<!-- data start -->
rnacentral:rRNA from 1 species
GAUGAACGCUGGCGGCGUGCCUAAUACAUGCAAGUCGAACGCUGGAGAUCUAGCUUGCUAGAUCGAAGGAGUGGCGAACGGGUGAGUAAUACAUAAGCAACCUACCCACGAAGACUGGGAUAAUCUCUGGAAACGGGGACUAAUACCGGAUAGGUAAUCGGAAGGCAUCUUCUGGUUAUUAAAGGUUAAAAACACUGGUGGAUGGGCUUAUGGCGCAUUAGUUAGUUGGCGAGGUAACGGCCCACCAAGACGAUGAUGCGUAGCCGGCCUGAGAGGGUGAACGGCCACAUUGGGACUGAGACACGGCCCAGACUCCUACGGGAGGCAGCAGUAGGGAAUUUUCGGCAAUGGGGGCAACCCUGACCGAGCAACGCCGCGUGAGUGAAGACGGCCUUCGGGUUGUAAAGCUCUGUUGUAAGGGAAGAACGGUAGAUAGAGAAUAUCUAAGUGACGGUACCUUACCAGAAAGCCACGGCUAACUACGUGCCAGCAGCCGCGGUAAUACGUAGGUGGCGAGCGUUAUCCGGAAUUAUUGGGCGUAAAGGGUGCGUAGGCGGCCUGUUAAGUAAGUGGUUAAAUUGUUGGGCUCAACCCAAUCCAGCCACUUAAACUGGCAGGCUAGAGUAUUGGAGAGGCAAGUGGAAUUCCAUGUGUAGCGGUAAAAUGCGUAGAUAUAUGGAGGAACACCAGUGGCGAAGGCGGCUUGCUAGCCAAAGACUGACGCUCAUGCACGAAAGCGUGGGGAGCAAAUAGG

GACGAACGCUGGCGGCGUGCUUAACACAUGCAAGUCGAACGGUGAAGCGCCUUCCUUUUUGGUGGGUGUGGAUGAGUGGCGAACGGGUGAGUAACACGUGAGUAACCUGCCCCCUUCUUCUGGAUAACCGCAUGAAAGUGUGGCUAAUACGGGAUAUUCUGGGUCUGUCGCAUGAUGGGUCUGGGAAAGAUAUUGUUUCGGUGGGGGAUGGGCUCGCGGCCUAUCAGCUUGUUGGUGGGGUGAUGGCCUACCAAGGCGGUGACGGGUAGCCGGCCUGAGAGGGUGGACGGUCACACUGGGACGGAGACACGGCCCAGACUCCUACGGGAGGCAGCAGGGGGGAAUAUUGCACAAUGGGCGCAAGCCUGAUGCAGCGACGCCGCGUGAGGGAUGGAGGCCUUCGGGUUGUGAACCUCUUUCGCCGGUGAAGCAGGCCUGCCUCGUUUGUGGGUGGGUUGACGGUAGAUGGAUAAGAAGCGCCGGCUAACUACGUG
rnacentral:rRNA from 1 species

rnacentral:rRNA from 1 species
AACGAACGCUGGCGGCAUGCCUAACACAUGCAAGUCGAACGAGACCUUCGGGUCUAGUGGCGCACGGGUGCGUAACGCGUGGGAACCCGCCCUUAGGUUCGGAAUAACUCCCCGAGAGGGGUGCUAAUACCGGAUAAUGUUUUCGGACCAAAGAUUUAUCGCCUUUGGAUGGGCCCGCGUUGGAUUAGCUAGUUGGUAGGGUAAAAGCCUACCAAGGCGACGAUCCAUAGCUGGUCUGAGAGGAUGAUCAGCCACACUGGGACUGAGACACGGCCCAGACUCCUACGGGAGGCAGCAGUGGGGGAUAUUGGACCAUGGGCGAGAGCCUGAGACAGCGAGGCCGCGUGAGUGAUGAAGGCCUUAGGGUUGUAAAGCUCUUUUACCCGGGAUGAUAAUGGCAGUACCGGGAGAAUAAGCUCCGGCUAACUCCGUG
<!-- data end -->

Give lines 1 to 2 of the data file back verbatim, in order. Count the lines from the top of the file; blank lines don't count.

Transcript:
rnacentral:rRNA from 1 species
GAUGAACGCUGGCGGCGUGCCUAAUACAUGCAAGUCGAACGCUGGAGAUCUAGCUUGCUAGAUCGAAGGAGUGGCGAACGGGUGAGUAAUACAUAAGCAACCUACCCACGAAGACUGGGAUAAUCUCUGGAAACGGGGACUAAUACCGGAUAGGUAAUCGGAAGGCAUCUUCUGGUUAUUAAAGGUUAAAAACACUGGUGGAUGGGCUUAUGGCGCAUUAGUUAGUUGGCGAGGUAACGGCCCACCAAGACGAUGAUGCGUAGCCGGCCUGAGAGGGUGAACGGCCACAUUGGGACUGAGACACGGCCCAGACUCCUACGGGAGGCAGCAGUAGGGAAUUUUCGGCAAUGGGGGCAACCCUGACCGAGCAACGCCGCGUGAGUGAAGACGGCCUUCGGGUUGUAAAGCUCUGUUGUAAGGGAAGAACGGUAGAUAGAGAAUAUCUAAGUGACGGUACCUUACCAGAAAGCCACGGCUAACUACGUGCCAGCAGCCGCGGUAAUACGUAGGUGGCGAGCGUUAUCCGGAAUUAUUGGGCGUAAAGGGUGCGUAGGCGGCCUGUUAAGUAAGUGGUUAAAUUGUUGGGCUCAACCCAAUCCAGCCACUUAAACUGGCAGGCUAGAGUAUUGGAGAGGCAAGUGGAAUUCCAUGUGUAGCGGUAAAAUGCGUAGAUAUAUGGAGGAACACCAGUGGCGAAGGCGGCUUGCUAGCCAAAGACUGACGCUCAUGCACGAAAGCGUGGGGAGCAAAUAGG